HC Deb 21 February 1887 vol 311 cc190-271

"That, at any time after a question has been proposed, a Motion may be made, if the consent of the Chair has been previously obtained, 'That the Question be now put.' Such Motion shall be put forthwith, and decided without Amendment or Debate.

"When the Motion 'That the Question be now put,' has been carried, and the Question consequent thereon has been decided, any further Motion may be made (the consent of the Chair having been previously obtained) which may be requisite to bring to a discussion any Question already proposed from the Chair; and also if a Clause be then under consideration, a Motion may be made (with the consent of the Chair as aforesaid) That the Question, That the Clause stand part, or be added to the Bill, be now put. Such Motions shall be put forthwith, and decided without Amendment or Debate.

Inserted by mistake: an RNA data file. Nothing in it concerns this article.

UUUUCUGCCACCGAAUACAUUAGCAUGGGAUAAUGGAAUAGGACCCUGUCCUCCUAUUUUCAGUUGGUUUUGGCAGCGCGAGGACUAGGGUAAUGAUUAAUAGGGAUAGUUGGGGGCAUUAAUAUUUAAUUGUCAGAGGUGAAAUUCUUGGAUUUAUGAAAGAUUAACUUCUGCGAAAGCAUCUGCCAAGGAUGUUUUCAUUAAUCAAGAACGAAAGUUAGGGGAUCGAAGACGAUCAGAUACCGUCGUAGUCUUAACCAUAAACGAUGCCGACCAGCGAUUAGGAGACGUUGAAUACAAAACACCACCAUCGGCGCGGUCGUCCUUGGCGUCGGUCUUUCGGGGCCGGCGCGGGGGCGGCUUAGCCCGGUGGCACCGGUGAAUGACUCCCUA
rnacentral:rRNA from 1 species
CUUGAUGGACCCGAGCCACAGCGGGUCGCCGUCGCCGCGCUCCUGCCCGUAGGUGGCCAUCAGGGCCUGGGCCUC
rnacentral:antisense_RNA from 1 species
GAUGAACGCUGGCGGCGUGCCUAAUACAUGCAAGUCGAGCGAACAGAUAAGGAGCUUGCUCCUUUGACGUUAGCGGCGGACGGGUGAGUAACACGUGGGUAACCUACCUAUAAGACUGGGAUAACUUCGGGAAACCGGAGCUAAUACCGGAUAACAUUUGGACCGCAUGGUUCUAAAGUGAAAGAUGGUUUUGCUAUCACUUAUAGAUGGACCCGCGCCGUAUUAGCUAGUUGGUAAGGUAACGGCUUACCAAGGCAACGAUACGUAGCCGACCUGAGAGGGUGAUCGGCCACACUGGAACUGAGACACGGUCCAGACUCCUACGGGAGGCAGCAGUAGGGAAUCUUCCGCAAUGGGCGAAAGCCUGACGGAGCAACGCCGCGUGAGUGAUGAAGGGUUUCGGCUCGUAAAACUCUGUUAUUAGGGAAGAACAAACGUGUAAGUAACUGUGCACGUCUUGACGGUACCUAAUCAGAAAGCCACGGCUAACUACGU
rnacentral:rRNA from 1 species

"Provided always, that Questions for the closure of Debate shall not be decided in the affirmative, if a Division be taken, unless it shall appear by the numbers declared from the Chair, that such Motion was supported by more than Two Hundred Members, or was opposed by less than Forty Members, and supported by more than One Hundred Members."—(Mr. W. H. Smith.)

MR. W.E.GLADSTONE (Edinburgh, Mid Lothian)